A cohort study of Plasmodium falciparum diversity during the dry season in Ndiop, a Senegalese village with seasonal, mesoendemic malaria.Trans R Soc Trop Med Hyg. 1999 Jul-Aug; 93(4):375-80.TR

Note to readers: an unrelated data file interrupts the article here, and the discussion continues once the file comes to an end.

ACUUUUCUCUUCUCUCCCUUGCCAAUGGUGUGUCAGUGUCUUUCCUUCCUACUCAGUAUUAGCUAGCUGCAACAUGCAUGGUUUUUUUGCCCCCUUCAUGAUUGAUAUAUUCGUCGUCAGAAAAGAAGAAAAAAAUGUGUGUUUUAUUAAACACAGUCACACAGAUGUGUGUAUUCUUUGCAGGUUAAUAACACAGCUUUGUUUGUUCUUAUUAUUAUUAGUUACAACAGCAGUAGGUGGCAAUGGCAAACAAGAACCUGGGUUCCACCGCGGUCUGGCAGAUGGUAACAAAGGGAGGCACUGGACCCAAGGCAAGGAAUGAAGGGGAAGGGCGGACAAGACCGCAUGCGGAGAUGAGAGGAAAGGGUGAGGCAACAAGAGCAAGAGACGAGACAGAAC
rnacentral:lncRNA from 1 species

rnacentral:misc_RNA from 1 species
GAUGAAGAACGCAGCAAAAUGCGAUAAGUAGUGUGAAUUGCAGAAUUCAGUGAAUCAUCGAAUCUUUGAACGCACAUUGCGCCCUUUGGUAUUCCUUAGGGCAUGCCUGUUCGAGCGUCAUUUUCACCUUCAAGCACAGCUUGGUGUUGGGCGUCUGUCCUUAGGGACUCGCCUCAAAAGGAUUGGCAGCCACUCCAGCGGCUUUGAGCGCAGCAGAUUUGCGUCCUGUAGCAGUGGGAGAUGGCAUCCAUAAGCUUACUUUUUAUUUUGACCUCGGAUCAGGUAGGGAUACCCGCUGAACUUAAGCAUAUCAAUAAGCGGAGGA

Prolonged carriage of Plasmodium falciparum in humans during the dry season is critical for parasite survival, as the infected subjects constitute a major reservoir in the absence of transmission. Yet, very little is known about the host/parasite interactions contributing to parasite persistence. In order to study the characteristics of P. falciparum infections during the dry season, we have genotyped parasites collected from untreated, asymptomatic individuals during 3 cross-sectional surveys conducted during the dry season in Ndiop, a Senegalese village with seasonal, mesoendemic malaria. Monthly entomological surveillance did not detect any transmission during that period. Parasite prevalence decreased markedly in the children aged < 7 years after 7 months of undetected transmission, but was stable in older children and adults throughout the dry season. In all chronically infected individuals, infection complexity remained stable, but there were substantial fluctuations of individual genotype(s), reflecting complex dynamics of multiple-clone infections during chronic asymptomatic parasite carriage. This fluctuation resulted in changes in the msp1 and msp2 allelic distribution within the cohort after 7 months of undetected transmission, contrasting with the stability observed during the preceding rainy season in that village.